China, Fiji, France, Germany (Bavaria), Indonesia, Japan, Korea, Lao PDR, Malaysia, the Philippines, Sri Lanka, Thailand, and Uzbekistan all report highly centralized curriculum development processes.
|TABLE 1. Curriculum Policies: An International Comparative Study of School Curriculums|
|Country||Subject change||National curriculum standards||Balance between compulsory and electives||School structures||Assessment||Monitoring|
|Australia||Asian languages, technology, civics.||Nationally developed curriculum frameworks.||8 compulsory subject areas defined.||Vocational education has changed Yr. 11 and 12 school structures.||Certificate assessments includes internal and external assessments.||Introduction of literacy and numeracy test ing.|
|China||Computer technology, integration of social studies.||Curriculum plan for 9-year compulsory education.||Reduction of some compulsory and addition of more electives and activities.||No great change.||Emphasis is on testing abilities.||Three levels of management: central, local, and school.|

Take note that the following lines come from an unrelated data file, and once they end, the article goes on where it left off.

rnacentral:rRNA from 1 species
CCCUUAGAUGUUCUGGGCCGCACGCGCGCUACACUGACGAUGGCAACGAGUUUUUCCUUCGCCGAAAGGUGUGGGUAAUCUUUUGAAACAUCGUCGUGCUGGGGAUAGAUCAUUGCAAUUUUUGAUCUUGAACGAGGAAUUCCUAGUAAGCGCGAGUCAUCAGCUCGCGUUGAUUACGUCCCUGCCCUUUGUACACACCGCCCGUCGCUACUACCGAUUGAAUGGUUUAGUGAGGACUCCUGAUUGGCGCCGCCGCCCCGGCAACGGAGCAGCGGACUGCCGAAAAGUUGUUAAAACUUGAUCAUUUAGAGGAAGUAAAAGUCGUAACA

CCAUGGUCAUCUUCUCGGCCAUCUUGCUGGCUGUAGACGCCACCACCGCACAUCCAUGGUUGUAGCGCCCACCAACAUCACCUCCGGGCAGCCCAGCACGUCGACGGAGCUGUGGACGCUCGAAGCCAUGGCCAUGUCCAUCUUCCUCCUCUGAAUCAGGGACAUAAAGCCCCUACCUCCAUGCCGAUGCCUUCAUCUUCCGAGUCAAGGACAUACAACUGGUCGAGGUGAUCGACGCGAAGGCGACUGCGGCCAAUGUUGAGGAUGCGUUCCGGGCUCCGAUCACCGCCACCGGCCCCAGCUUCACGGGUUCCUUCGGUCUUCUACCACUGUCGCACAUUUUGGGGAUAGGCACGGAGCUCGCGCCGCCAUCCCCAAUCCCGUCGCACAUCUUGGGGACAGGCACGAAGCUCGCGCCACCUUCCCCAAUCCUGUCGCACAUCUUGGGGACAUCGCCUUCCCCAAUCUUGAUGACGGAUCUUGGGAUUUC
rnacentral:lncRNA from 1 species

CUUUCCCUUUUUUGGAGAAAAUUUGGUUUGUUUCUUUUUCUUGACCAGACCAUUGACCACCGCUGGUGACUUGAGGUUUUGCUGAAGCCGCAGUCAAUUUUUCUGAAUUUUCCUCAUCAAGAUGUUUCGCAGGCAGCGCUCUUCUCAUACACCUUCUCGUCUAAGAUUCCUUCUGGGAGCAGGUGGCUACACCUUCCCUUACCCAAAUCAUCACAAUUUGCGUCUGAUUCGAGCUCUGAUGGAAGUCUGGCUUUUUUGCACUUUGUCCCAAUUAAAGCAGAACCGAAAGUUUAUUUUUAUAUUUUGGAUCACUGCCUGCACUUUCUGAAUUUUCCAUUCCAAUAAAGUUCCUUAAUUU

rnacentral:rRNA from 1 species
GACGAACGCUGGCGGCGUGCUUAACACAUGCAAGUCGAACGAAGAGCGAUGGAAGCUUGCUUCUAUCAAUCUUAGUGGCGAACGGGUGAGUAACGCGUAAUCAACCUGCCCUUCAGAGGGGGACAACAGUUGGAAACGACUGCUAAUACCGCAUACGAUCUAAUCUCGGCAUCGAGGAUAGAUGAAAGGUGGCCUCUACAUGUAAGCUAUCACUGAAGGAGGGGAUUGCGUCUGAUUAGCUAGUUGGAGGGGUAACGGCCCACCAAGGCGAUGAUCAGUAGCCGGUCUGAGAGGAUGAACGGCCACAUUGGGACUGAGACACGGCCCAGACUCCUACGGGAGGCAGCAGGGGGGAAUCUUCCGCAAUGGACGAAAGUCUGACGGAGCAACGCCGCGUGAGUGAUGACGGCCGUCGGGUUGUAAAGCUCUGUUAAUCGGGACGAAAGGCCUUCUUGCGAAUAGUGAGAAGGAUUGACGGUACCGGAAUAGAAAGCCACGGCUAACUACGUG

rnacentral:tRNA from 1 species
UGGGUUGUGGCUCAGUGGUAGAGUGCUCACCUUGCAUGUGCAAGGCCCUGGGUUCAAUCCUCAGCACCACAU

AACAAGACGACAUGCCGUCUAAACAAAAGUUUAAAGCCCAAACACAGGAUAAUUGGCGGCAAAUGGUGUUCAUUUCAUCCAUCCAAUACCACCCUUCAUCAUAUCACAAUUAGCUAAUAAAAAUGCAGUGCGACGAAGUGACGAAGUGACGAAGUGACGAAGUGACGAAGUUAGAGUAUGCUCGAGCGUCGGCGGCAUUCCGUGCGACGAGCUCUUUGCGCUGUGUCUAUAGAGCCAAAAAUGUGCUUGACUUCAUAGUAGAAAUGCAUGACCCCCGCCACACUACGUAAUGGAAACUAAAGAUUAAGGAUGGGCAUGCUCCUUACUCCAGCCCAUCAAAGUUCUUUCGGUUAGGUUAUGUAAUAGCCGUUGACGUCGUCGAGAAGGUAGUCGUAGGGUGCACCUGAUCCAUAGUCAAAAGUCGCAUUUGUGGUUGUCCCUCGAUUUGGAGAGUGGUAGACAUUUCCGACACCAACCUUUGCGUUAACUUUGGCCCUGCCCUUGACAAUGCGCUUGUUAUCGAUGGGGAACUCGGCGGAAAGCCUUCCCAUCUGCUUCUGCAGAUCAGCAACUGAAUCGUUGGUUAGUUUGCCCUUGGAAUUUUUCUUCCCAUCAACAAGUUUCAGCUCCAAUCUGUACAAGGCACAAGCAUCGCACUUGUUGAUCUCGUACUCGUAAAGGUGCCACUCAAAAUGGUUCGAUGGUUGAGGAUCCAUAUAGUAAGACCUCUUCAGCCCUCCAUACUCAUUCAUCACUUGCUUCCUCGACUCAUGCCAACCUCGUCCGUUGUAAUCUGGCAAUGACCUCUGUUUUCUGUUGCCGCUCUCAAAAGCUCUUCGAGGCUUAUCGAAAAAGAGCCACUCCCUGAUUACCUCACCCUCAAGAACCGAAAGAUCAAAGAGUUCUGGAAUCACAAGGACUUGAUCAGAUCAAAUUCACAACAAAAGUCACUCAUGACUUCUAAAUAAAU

|Fiji||Computer technology, vernacular languages now examinable. Conversational and cross-cultural foreign language taught in primary education.||Primary framework revised for grades 1-8. Secondary framework undergoing revision.||Class 8 exam change to include environment and moral values studies.||No change.||Internal assessment conducted in Form 7 subjects.||Standardized test in classes 3 and 4 in literacy and numeracy.|
|France||NTIC||National Curriculum Standards and National Curriculum Council.||Electives in classes 8 and 9.||Unified lower secondary school (6-9) has two types of upper secondary schools: general and technology (10-12) vocational.||External examinations in classes 9 and 12. Internal assessments conducted.||Literacy and nu- meracy testing at the beginning of classes 3 and 6. French, mathematics, foreign language, history, geography testing at the beginning of class 10.|
|Germany (Bavaria)||Foreign language and IT in primary and secondary education. Integrated social and science studies in one type of secondary school.||Set curriculums for all schools.||Reduction of electives in upper secondary (focus core curriculum).||No change.||Final examinations held for all types of school.||No change.|